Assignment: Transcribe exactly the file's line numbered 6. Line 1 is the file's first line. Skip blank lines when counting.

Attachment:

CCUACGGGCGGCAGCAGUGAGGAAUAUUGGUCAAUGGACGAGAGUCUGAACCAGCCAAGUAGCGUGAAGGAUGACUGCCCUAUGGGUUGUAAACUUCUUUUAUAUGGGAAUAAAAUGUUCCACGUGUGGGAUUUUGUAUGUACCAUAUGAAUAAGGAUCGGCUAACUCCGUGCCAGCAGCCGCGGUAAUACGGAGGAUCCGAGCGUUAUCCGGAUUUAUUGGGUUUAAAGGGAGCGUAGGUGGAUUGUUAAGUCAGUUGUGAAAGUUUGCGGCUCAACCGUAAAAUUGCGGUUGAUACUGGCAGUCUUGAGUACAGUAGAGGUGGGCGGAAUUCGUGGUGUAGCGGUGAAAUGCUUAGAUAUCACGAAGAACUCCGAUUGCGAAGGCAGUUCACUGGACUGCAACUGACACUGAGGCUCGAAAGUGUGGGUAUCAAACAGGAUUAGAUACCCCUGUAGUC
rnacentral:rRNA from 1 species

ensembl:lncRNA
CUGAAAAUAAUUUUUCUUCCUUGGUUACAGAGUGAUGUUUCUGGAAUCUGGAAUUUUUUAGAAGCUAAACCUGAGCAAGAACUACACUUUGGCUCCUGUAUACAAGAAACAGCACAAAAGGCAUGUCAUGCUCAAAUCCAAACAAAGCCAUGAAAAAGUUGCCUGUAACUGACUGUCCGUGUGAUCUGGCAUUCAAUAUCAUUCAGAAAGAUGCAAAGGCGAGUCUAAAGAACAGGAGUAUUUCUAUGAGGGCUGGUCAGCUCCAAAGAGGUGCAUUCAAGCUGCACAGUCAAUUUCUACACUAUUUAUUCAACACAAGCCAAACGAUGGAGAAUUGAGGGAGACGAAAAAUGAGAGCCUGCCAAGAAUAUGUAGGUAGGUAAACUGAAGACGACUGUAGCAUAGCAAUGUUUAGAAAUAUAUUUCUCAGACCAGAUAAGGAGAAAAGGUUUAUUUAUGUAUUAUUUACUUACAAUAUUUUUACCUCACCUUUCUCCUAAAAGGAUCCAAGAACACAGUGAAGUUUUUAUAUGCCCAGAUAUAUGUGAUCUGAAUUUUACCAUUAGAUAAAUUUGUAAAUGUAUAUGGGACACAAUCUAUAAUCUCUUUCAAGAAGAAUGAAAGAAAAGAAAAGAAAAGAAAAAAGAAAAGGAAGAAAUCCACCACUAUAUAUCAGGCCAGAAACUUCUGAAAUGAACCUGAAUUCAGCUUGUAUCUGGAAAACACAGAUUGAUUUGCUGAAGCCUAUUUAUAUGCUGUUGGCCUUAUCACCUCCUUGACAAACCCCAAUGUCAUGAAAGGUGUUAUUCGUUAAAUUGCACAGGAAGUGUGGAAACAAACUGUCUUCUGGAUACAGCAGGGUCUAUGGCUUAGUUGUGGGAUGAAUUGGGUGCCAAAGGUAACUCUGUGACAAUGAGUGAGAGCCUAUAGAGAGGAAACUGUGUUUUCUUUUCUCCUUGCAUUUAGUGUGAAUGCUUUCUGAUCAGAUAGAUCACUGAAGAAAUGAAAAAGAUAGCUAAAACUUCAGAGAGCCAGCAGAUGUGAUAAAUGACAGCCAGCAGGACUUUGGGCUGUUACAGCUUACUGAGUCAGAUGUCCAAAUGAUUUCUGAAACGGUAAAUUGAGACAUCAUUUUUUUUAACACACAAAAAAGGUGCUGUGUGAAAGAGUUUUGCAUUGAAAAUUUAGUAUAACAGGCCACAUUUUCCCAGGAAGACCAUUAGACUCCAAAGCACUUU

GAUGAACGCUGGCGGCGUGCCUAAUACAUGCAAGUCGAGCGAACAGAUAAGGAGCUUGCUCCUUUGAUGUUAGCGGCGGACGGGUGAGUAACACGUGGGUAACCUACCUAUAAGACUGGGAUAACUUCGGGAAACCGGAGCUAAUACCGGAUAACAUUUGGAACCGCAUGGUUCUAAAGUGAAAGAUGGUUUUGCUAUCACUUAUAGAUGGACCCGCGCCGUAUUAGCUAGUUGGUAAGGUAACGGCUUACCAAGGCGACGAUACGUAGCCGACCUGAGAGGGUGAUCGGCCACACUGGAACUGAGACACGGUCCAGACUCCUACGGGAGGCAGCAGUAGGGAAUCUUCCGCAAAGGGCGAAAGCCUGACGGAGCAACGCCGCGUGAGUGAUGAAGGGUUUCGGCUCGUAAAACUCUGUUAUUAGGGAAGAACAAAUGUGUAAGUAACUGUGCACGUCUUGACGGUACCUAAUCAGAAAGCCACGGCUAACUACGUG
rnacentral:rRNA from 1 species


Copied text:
rnacentral:rRNA from 1 species